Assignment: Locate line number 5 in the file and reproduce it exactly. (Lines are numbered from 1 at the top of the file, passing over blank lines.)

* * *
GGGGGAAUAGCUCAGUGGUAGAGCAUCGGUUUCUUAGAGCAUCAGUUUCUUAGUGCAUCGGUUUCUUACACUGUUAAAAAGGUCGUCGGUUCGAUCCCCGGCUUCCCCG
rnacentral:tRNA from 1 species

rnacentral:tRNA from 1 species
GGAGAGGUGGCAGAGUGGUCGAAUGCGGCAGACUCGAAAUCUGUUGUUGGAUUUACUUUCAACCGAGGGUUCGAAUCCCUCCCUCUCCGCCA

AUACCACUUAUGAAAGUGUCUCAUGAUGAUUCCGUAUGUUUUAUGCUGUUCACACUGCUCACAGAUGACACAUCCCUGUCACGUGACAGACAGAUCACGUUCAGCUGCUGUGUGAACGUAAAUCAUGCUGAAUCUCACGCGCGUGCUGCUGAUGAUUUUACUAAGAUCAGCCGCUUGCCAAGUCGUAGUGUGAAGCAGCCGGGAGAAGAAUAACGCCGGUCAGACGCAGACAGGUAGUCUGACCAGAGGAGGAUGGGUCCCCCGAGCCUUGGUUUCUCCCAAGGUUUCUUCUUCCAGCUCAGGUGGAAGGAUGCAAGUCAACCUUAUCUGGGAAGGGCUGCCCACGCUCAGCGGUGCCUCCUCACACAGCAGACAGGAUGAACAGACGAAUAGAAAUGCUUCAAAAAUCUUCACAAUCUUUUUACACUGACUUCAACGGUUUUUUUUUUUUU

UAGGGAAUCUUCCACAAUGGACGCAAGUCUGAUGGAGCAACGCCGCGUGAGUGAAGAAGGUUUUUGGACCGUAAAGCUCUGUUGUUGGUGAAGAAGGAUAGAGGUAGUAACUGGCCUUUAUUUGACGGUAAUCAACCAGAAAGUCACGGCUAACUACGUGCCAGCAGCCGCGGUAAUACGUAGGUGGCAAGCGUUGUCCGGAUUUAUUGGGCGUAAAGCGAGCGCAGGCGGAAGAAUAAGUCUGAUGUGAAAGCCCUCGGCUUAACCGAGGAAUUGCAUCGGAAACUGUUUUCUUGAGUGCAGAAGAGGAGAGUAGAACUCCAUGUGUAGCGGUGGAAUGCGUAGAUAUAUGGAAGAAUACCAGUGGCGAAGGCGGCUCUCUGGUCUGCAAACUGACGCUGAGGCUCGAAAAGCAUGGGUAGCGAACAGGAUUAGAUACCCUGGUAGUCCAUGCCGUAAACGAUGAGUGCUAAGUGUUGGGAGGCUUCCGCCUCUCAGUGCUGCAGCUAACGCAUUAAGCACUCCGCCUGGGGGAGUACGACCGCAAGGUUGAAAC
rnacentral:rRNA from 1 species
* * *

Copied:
AUACCACUUAUGAAAGUGUCUCAUGAUGAUUCCGUAUGUUUUAUGCUGUUCACACUGCUCACAGAUGACACAUCCCUGUCACGUGACAGACAGAUCACGUUCAGCUGCUGUGUGAACGUAAAUCAUGCUGAAUCUCACGCGCGUGCUGCUGAUGAUUUUACUAAGAUCAGCCGCUUGCCAAGUCGUAGUGUGAAGCAGCCGGGAGAAGAAUAACGCCGGUCAGACGCAGACAGGUAGUCUGACCAGAGGAGGAUGGGUCCCCCGAGCCUUGGUUUCUCCCAAGGUUUCUUCUUCCAGCUCAGGUGGAAGGAUGCAAGUCAACCUUAUCUGGGAAGGGCUGCCCACGCUCAGCGGUGCCUCCUCACACAGCAGACAGGAUGAACAGACGAAUAGAAAUGCUUCAAAAAUCUUCACAAUCUUUUUACACUGACUUCAACGGUUUUUUUUUUUUU